Referring now primarily to FIGS. 3, 4, 5, and 10, the improved thumb referencing and guide system 11 may comprise a guide member 12 and a lateral guide surface 14 enabling the cartridge picker assembly 10 to move longitudinally along an X axis between a retracted position 112 (shown in FIG. 9A) and an extended position 114 (shown in FIG. 9B). The improved thumb referencing and guide system 11 guides the cartridge picker assembly 10 along a lateral plane formed by an X axis and a Z axis (FIG. 5), allowing the finger assembly 36 to reliably grasp a data cartridge 22. In one preferred embodiment, the finger assembly 36 must be positioned adjacent a data cartridge 22 with a maximum side to side offset of about 1.5 mm.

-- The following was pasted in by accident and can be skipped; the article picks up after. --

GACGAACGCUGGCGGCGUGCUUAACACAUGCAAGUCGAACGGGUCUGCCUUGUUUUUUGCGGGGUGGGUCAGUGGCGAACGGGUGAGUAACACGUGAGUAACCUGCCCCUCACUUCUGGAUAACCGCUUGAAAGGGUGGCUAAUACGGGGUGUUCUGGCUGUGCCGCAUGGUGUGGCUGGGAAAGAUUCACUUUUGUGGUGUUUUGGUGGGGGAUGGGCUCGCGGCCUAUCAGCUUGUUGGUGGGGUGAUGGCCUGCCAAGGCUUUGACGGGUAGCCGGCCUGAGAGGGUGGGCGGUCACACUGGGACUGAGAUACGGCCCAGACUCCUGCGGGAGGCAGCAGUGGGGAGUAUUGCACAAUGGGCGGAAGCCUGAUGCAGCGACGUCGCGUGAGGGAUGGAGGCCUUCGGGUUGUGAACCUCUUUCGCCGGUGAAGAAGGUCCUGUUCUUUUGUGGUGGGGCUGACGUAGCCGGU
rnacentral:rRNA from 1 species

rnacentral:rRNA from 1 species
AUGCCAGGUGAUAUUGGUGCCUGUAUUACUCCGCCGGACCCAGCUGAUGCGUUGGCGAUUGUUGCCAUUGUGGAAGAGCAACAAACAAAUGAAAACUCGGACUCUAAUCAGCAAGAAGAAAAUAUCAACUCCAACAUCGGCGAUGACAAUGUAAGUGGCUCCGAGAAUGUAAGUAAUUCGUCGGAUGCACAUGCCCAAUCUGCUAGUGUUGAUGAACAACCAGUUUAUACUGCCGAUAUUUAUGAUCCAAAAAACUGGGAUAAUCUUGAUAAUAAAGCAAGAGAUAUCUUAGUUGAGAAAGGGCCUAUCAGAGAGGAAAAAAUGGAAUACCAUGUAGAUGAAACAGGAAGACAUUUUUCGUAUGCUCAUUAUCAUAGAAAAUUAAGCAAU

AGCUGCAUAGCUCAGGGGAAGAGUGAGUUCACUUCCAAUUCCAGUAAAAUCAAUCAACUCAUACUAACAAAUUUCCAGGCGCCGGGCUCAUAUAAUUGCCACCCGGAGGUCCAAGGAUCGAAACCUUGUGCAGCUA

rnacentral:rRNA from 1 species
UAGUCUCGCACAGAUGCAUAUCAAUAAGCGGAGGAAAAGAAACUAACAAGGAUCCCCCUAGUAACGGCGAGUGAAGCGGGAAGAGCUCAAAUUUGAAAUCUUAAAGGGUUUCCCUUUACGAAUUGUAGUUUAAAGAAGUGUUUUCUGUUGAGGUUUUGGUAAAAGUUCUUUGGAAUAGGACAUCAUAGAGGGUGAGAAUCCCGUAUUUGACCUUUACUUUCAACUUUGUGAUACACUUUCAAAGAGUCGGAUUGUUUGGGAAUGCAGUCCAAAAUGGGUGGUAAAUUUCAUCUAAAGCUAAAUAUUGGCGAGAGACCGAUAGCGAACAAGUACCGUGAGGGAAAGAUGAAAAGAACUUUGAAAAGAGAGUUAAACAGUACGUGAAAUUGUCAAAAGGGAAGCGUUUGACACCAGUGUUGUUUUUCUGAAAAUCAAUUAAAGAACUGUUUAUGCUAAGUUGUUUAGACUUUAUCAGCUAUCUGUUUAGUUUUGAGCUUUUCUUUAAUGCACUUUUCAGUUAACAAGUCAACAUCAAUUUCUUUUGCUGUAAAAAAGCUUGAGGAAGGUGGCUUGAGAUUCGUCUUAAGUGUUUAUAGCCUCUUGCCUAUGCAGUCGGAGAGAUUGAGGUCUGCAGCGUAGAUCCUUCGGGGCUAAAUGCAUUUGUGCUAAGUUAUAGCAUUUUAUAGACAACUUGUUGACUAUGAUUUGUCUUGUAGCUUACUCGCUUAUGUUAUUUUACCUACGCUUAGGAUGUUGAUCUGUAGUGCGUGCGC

The guide member 12 may comprise a plurality of ribs that extend from the thumb assembly 16. In one preferred embodiment, the guide member 12 comprises a front guide rib 40 and a rear guide rib 42. The guide ribs 40 and 42 may be generally rectangular in shape and are attached to the thumb assembly frame 82 so that they extend from the frame 82 to engage the lateral guide surface 14.

The guide member 12 has a width 50 substantially equal to or just smaller than the distance 66 between the first contact surface 60 and the second contact surface 62, enabling the guide member 12 to slide longitudinally in the cartridge picker assembly 10 along an X axis (FIG. 5), but preventing the guide member 12 and the thumb assembly 16 from moving laterally along a Y axis (FIG. 5).